Apple has introduced larger-screen versions of its top-selling iMac desktop computer and is offering an updated MacBook notebook.

The refashioned glass and aluminum-clad iMac starts at US$1199 ($1600) with a 21.5-inch widescreen LED display, Apple said yesterday.

The Mac is the company's biggest moneymaker, accounting for 40 per cent of revenue. Apple said yesterday that it sold a record 3.05 million Macs last quarter, which helped drive earnings past analysts' projections.

"We're really happy to announce the final products of our holiday lineup," Tim Cook, Apple's chief operating officer, said.

A 27-inch iMac starts at US$1699, Cook said. Previous iMacs had 20-inch and 24-inch displays. The new models are thinner than predecessors, more environmentally friendly and have Snow Leopard, an operating system which was released in August. .

"The message here is they are shifting the lines between a TV and an iMac, clearly geared more toward media," said Gene Munster, an analyst at Piper Jaffray in Minneapolis. "These new products should cause Apple's Mac business growth rate to increase in the December quarter."

The iMacs come with the company's new Magic Mouse, which is based partly on the multitouch technology used in the iPhone and iPod Touch player and can be configured as a one- or two-button device. "Once you use it, you'll never want to use another mouse again," Cook said. The mouse will also be sold separately for US$69.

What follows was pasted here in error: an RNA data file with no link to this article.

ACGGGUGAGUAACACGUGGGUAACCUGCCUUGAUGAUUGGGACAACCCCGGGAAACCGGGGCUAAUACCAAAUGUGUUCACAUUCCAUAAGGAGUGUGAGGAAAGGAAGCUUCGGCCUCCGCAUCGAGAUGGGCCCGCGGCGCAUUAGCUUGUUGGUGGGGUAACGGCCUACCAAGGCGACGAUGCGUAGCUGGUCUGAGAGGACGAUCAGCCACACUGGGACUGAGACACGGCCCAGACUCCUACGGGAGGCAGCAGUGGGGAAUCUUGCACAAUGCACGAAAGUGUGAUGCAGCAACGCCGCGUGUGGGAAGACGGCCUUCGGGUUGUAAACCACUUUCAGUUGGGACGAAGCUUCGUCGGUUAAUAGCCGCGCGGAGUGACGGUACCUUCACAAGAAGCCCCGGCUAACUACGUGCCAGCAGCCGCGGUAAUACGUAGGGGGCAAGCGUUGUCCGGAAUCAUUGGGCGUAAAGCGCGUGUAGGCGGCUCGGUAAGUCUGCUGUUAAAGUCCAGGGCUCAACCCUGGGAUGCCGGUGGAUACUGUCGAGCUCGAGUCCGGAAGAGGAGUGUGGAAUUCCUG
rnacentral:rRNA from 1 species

The white polycarbonate MacBook has inherited some design features and technology from the more powerful MacBook Pro models while retaining the same US$999 starting price, Cook said. That includes a seamless "unibody" design, seven-hour battery life and widescreen LED-backlit display.

The changes are "meaningful," said Piper Jaffray's Munster, who recommends buying Apple shares. "Sometimes they do small adjustments. This one is more substantial."

Customers switching from PCs running Microsoft's rival Windows operating system are a "major part of our growth", Cook said. Microsoft will release a new version of its software, Windows 7, today to win over buyers who decided to skip its last update, Windows Vista.

Cook said Apple is confident users will continue to switch from Windows to the Mac. "Whether it's Windows 7 or Windows 10 or Windows 95 or 2000 or all the Windows, people are just sick of all the headaches that go along with it," Cook said. Windows 7, combined with personal computers to be released this month, will provide simple, fun and productive computing "at price points that fit every shopper's budget", Jay Paulus, a director of Windows Client Product Management, said in an email. "That's value and choice you won't find on any Mac."

Demand for Mac notebooks has outpaced that of Apple's desktops. Yesterday, the company said notebook shipments rose 35 per cent, compared with a 16 per cent drop in desktop shipments.

To help spur desktop orders, Apple also introduced a faster version of its Mac Mini, a machine sold without a monitor or mouse, that offers more storage and double the memory. Prices start at US$599.

Apple climbed $8.90, or 4.7 per cent, to $198.76 in Nasdaq stockmarket trading yesterday. The shares have more than doubled this year.

The company yesterday reported fourth-quarter profit and revenue that topped analysts' estimates, driving shares up to levels not seen since the iPhone emerged two years ago.

Net income in the period ended September 26 jumped 47 per cent to $1.67 billion, or $1.82 a share, on sales of $9.87 billion, a gain of 25 per cent from a year earlier.

Apple sold 7.4 million iPhones and 10.2 million iPods last quarter.